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Routing a groove

jyang949's picture

One piece of my weaving loom is a long, octagonal cylinder. I need to put in a lengthwise groove to hold a rectangular stick, but which face should be routed? The grain is oriented differently in different faces.

In use, the stick will be pulled tightly against one wall of the groove, so strength is as important as a clean cut. The attached drawing shows the beam in cross-section, and the arrows show the direction of pull. Which is the better location for the groove, A or B?

Thank you--

Janet

jazzdogg's picture

(post #85504, reply #1 of 12)

Hi Janet,


Since wood expands and contracts very little along its length, the option you presented on the right side (B) should yield tighter looking joinery. Expansion and contraction of plainsawn wood is approximately twice that of quartersawn wood, to option A could prove problematic.


Good luck


-Jazzdogg-


"Don't ask yourself what the world needs. Ask yourself what makes you come alive, and go do that, because what the world needs is people who have come alive." Gil Bailie

-Jazzdogg-

"Don't ask yourself what the world needs. Ask yourself what makes you come alive, and go do that, because what the world needs is people who have come alive." Gil Bailie

mrbird90's picture

(post #85504, reply #2 of 12)

I have made my poles from Ash and have used both A & B conditions and have never had a problem. I prefer A as I think there is less chance of the wood splitting. If you are using a soft wood then strength could be a problem. I have made about 10 frames like this.


Edited 5/27/2007 9:39 pm ET by mrbird90

philip's picture

(post #85504, reply #3 of 12)

I don't believe it matters much, but would prefer B as the sides of the groove would rout smoother and possibly the fit would remain snug as there would be less influence from any wood movement (which would be insignificant anyway). Is the "stick" to be removable or is it to be glued in place? It may be more pertinent to consider that the grain direction of the stick should match that of the cylinder.What are the width and height of this stick anyway? How long is the octagonal cylinder?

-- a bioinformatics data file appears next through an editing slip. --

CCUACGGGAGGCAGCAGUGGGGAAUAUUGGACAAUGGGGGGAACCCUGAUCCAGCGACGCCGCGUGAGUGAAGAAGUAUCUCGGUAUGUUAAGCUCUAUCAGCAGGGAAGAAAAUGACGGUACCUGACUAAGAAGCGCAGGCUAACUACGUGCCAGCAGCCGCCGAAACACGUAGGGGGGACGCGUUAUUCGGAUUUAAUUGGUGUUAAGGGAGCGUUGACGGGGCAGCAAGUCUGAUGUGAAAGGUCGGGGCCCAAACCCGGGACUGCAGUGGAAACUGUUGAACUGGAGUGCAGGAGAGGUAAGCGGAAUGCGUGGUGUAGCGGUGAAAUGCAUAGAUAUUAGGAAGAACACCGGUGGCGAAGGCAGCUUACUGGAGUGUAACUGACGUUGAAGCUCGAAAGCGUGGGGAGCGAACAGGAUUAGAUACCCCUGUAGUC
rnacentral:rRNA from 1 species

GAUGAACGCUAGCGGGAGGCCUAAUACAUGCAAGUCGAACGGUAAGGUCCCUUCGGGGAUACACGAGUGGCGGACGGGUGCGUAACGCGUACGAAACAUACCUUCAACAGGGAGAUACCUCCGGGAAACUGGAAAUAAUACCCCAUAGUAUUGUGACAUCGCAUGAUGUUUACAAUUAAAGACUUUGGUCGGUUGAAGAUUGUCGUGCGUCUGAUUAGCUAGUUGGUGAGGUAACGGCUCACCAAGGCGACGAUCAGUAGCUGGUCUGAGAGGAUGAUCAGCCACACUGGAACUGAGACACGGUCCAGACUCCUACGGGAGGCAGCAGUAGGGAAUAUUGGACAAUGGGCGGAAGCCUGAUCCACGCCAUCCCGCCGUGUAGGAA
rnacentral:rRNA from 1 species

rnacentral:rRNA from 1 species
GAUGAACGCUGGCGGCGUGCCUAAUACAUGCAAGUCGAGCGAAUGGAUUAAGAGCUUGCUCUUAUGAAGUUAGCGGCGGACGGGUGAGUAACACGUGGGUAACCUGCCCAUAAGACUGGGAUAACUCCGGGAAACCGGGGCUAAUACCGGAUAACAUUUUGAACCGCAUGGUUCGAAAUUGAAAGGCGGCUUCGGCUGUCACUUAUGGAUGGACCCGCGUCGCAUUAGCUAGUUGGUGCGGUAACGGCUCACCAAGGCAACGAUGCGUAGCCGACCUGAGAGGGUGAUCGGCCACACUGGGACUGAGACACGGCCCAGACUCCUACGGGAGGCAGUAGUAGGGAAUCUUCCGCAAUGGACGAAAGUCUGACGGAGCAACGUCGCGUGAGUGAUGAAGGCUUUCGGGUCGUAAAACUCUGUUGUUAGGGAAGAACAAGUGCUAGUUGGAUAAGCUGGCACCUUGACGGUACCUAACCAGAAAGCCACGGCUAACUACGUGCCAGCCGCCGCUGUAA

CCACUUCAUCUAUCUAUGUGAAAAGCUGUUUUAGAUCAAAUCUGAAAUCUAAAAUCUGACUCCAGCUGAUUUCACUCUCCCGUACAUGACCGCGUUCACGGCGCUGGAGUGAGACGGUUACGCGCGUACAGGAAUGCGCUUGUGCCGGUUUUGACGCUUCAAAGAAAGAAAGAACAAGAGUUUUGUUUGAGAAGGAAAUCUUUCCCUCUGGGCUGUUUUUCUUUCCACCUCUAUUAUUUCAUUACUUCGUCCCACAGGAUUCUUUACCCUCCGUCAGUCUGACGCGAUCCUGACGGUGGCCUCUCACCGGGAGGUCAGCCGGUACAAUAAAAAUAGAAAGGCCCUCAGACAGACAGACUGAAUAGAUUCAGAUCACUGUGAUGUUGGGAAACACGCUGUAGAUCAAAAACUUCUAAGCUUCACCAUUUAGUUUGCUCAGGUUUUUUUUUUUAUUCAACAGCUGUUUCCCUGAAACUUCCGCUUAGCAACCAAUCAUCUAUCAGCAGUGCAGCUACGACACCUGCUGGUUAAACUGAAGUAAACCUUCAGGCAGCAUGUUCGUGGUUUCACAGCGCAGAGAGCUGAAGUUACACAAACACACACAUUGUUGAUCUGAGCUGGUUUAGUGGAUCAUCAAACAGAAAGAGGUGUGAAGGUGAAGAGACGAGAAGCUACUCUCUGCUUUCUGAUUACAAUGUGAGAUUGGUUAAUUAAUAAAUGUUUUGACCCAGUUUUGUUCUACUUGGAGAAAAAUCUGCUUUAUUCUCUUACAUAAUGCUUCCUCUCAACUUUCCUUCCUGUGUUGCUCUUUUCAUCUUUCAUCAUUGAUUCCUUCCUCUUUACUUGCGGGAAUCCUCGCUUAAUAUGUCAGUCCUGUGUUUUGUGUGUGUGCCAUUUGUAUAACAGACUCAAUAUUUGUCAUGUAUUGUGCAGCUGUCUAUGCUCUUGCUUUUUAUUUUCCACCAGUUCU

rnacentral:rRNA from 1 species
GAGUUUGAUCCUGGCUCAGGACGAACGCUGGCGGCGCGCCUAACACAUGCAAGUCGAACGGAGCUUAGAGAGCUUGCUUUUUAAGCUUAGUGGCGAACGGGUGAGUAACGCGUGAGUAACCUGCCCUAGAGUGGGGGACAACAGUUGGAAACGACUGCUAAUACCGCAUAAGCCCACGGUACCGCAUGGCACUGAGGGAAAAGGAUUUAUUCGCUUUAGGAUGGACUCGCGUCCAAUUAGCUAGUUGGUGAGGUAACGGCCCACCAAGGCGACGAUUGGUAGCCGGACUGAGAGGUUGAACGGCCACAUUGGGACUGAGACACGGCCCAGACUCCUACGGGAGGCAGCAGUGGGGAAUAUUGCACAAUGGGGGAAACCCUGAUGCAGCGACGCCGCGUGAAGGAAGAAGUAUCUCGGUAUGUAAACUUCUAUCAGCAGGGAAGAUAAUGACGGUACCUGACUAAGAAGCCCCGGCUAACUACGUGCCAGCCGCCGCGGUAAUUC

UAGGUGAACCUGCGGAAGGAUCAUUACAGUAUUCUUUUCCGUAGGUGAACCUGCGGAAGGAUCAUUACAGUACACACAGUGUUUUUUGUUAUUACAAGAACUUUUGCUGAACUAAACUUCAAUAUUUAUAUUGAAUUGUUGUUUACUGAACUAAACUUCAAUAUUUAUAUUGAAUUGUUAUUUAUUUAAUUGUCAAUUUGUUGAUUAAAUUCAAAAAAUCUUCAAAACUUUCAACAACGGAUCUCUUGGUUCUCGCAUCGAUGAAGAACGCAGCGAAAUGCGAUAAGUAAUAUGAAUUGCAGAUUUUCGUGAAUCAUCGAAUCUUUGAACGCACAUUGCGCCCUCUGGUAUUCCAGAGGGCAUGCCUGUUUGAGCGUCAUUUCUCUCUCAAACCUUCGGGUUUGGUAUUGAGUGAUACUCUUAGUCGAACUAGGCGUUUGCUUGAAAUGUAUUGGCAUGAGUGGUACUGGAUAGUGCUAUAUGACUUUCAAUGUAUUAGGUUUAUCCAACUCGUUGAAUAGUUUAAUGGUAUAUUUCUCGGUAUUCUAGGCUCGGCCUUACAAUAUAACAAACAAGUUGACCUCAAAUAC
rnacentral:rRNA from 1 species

If there is a question of load bearing then A is stronger, but I assume the "stick" is not much taller than the groove, and anyway this is spread along the length of the cylinder.
It's a question of plusses and minusses....Philip Marcou


Edited 5/28/2007 5:58 am by philip

Philip Marcou
jyang949's picture

(post #85504, reply #4 of 12)

Thank you for all the advice. I'll try B first, and with luck there won't be a need to move on to A.

But now that it's time to go ahead and rout, I just thought of other questions. What kind of setup/jigs would you use to keep the router level and moving in a straight line, or would you use a router table? Several passes or one pass?

Philip,
Both stick and beam are about 3ft long. The removable stick is 13/16in wide and 1/2in high and holds loops of thread. The groove needs to be just large enough so the wrapped stick fits snugly and is flush with the beam.

Janet

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philip's picture

(post #85504, reply #5 of 12)